Hand Washing Isn’t Just for Kids

Would you want to eat at a restau­rant where kitchen staff and servers did­n’t wash their hands, or where lack of basic hygiene risked mak­ing you sick?  If it came to light that this was a con­tin­u­ing prob­lem, that restau­rant would soon be out of busi­ness. You’d nev­er tol­er­ate the excuse “We’re only human.”

But that’s exact­ly what’s hap­pen­ing in thou­sands of hos­pi­tals in the U.S. and Cana­da, where lack of com­pli­ance with required safe­ty pro­to­cols is mak­ing patients sick­er.

Each year, one mil­lion patients in the U.S. and Cana­da will get an infec­tion, such as Clostrid­i­um dif­fi­cile (C. dif­fi­cile) or ventilator-associated pneu­mo­nia, while they’re in the hos­pi­tal.  At least eighty-five thou­sand will die.  Every year.  

Hospital-acquired infec­tions nev­er send a call­ing card before they show up in a patient’s room. But patients and fam­i­lies will always know after they’ve arrived.

Hand hygiene is rec­og­nized as one of the most effec­tive strate­gies for reduc­ing hospital-acquired infec­tions.  For decades, patient safe­ty advo­cates have been wag­ing a cam­paign to get health­care work­ers to wash their hands.   Mil­lions of dol­lars have been spent on con­fer­ences, videos, research papers, but­tons and posters.

Still, in many hos­pi­tals vol­un­tary com­pli­ance falls far short of where it needs to be, even when it is self-reported with­out any inde­pen­dent ver­i­fi­ca­tion.  At Toron­to’s famed St. Michael’s Hos­pi­tal, for instance, admin­is­tra­tors report that hand wash­ing before patient con­tact hap­pens only 55.5 per­cent of the time.   And that’s at a major surgery cen­tre.

There are tech­nolo­gies avail­able that can scan when a health­care work­er san­i­tizes his or her hands before and after patient con­tact.  Some hos­pi­tals use cam­eras to mon­i­tor and report hand wash­ing com­pli­ance.  But too many leave it to chance.  The time has come to get beyond plead­ing and pros­e­ly­tiz­ing.

Zero tol­er­ance for not com­ply­ing should be the norm.  Hos­pi­tals that don’t live up to the high­est stan­dards of com­pli­ance — stan­dards that need to be sub­ject to peri­od­ic inde­pen­dent human and elec­tron­ic audits —  should face finan­cial penal­ties.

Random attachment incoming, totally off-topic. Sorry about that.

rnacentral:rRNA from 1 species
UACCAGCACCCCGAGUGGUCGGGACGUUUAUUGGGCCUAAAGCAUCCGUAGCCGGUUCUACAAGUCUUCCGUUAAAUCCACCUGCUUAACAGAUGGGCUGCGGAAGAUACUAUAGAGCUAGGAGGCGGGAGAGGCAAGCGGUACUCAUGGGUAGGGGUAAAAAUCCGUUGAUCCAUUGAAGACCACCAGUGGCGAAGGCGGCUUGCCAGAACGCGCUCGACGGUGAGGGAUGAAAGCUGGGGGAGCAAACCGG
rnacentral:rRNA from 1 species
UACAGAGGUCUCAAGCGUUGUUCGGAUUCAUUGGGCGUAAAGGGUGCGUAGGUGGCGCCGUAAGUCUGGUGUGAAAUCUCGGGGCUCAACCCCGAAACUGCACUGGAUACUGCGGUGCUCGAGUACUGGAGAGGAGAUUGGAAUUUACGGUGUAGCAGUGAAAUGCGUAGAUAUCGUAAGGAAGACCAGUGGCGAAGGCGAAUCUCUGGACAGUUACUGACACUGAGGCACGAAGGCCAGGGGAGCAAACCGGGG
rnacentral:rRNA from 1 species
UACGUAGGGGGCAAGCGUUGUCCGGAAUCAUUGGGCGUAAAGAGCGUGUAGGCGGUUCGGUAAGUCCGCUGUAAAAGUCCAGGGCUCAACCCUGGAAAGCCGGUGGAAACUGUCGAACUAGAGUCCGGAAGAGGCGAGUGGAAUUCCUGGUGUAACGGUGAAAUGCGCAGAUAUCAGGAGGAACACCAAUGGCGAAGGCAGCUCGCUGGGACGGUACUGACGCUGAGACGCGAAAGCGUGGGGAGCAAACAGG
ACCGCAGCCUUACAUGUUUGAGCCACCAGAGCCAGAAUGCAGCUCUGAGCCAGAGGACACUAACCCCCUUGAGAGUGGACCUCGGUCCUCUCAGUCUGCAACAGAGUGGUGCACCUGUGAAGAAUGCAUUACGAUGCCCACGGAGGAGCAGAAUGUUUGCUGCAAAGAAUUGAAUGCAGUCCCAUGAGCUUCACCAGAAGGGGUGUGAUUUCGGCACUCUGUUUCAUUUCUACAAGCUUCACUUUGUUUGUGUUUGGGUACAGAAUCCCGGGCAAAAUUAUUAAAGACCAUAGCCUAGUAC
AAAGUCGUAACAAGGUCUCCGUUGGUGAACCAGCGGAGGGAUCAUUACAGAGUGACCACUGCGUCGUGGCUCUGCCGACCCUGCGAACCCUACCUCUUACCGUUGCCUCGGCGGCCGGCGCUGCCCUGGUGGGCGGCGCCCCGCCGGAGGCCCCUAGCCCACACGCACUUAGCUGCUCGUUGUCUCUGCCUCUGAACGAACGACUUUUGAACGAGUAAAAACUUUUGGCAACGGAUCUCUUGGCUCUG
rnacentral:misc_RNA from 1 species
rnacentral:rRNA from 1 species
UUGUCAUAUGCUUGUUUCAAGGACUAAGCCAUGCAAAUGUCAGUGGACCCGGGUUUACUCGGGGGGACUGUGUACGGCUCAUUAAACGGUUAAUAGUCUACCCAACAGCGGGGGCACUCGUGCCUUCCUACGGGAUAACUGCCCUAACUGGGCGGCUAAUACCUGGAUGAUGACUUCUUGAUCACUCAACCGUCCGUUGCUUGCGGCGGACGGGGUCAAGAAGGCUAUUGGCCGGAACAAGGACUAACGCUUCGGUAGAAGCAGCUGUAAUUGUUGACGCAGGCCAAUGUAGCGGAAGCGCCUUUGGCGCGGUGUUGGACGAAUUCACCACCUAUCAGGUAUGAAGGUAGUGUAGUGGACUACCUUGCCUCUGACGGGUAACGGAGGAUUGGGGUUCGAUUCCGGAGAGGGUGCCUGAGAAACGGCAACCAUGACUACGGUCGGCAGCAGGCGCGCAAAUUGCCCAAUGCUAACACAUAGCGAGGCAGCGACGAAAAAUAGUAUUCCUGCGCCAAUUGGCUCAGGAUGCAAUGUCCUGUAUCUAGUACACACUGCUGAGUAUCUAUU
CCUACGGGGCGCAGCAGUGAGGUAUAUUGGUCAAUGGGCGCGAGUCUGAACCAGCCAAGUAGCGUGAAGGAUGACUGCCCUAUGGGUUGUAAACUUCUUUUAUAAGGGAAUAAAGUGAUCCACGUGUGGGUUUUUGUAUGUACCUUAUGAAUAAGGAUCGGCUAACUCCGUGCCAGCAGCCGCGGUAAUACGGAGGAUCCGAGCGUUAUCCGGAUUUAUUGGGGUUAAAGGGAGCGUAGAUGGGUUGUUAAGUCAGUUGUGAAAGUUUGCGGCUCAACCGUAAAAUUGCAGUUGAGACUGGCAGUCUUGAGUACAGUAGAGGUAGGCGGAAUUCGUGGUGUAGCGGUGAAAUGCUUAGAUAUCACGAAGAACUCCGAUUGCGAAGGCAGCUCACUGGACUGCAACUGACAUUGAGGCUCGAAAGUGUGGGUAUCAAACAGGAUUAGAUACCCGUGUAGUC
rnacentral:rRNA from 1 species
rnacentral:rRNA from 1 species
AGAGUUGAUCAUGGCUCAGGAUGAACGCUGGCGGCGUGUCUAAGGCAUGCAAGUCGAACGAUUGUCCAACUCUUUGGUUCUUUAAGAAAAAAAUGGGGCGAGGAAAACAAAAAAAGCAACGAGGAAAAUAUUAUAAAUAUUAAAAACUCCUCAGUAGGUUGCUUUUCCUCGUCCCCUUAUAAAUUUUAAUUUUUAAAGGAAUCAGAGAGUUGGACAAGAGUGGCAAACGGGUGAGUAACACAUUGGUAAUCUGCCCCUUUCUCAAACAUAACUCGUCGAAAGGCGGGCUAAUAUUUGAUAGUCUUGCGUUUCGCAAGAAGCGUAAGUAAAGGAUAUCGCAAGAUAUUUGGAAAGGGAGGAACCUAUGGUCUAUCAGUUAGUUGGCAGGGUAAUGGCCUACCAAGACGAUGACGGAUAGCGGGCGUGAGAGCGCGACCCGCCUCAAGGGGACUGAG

1. Hand Hygiene Basics

    Excerpt from the Cen­ters for Dis­ease Con­trol and Pre­ven­tion (CDC)

    In the Unit­ed States, hos­pi­tal patients get an esti­mat­ed 722,000 infec­tions each year. That’s about 1 infec­tion for every 25 patients. Infec­tions that patients get in the hos­pi­tal can be life-threatening and hard to treat. Hand hygiene is one of the most impor­tant ways to pre­vent the spread of infec­tions.

    Health­care providers should prac­tice hand hygiene at key points in time to dis­rupt the trans­mis­sion of microor­gan­isms to patients includ­ing: before patient con­tact; after con­tact with blood, body flu­ids, or con­t­a­m­i­nat­ed sur­faces (even if gloves are worn); before inva­sive pro­ce­dures; and after remov­ing gloves (wear­ing gloves is not enough to pre­vent the trans­mis­sion of pathogens in health­care set­tings). For a full list of hand hygiene indi­ca­tions, please see the rec­om­men­da­tions in the Hand Hygiene Guide­line Adobe PDF file.

    Patients and their loved ones can play a role in help­ing to pre­vent infec­tions by prac­tic­ing hand hygiene them­selves as well as ask­ing or remind­ing their health­care providers to per­form hand hygiene.


A few years ago, Long Island’s North Shore Uni­ver­si­ty Hos­pi­tal had a dis­mal com­pli­ance rate with hand washing—under 10%. After installing cam­eras at hand-washing sta­tions, com­pli­ance rose to over 90% and stayed there.

–From an Arti­cle in the Wall Street Jour­nal by Dr. Mar­ty Makary


Hospital-acquired infec­tions nev­er send a call­ing card before they show up in a patient’s room. But patients and fam­i­lies will always know after they’ve arrived.